* Xiaomei Wang is a senior lecturer at the Faculty of Languages and Linguistics, University of Malaya.

** Hans Van de Velde is a senior researcher at the Fryske Akademy in Ljouwert (The Netherlands).

1 Introduction

The number of overseas Chinese in the world is estimated to exceed 40 million. In Southeast Asian countries like Malaysia, Indonesia, and Thailand, Chinese form a significant minority group, while in Europe, America, and other places, Chinese form a small community with a relatively small population. These overseas Chinese settled in their host countries for various reasons in different historical periods. There was mass emigration in the mid nineteenth and early twentieth centuries from China. During that period, many Chinese laborers arrived in Europe and later formed small Chinatowns in Dutch cities like Amsterdam, Rotterdam, and The Hague. In recent years, there has been a wave of new immigrants from Mainland China. Many Chinese students choose to go to Europe to pursue their studies either at undergraduate or graduate level; they are the main force of new immigrants. Whether old or new, overseas Chinese generally have to position themselves in terms of identity, and adjust between a Chinese and a local identity. How do they maintain and project their Chinese identity in the host country? And, how do they adapt, as global residents, to the increasingly globalized market? These questions can be answered in different ways. Language is a main window through which the answers can be revealed and Chinatowns provide a good opportunity to inspect multiple identities, since Chinatowns target both Chinese and local residents. This article aims to explore how overseas Chinese in Europe construct their identities through language and script in the linguistic landscape in Chinatown.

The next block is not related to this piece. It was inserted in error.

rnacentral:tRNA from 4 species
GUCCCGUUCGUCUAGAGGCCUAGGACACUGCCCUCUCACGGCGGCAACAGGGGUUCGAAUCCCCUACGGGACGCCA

Language is commonly regarded as an important aspect of ethnic identity (Giles and Johnson 1981). Fishman (1977) even suggests that language can be an ultimate symbol of ethnicity. Language is “frequently a criterial attribute of ethnic group membership” (Giles and Johnson 1981: 206). In the process of ethnic identity formation, language plays an important role. For instance, a pan-Chinese identity has formed in Malaysia on top of various Chinese dialect groups (Tan 2000). One of the forces fostering such convergence is the common language within Malaysia’s Chinese community, which is Mandarin. In other words, Mandarin has become a symbol of Chinese identity in Malaysia. In Europe, the role of language in the formation of Chinese identity has undergone changes due to changes in migrants’ places of origin. Before the 1980s, most Chinese migrants came from Hong Kong. Consequently, Cantonese became the lingua franca. After the 1980s, many migrants from Zhejiang province arrived in Europe and share no common dialect with the Cantonese group. As a result, the newcomers have had to adopt strategies to adapt to the new linguistic environment. Nevertheless, both old migrants and new migrants share a common writing system, although they may use either traditional or simplified Chinese characters. As Tan (2000) stated in his study on Chinese Malaysians, the layers of identity in the Chinese community include dialect group identity, Chinese identity, and Malaysian identity. In a similar vein, the Chinese in the Netherlands and Belgium also have different layers of identities. Being Chinese is salient in relation to non-Chinese identities and being Dutch or Belgian as opposed to other national identities. These different identities are associated with different languages. In the public sphere, these languages are manifested in signage and provide a clue for their identities.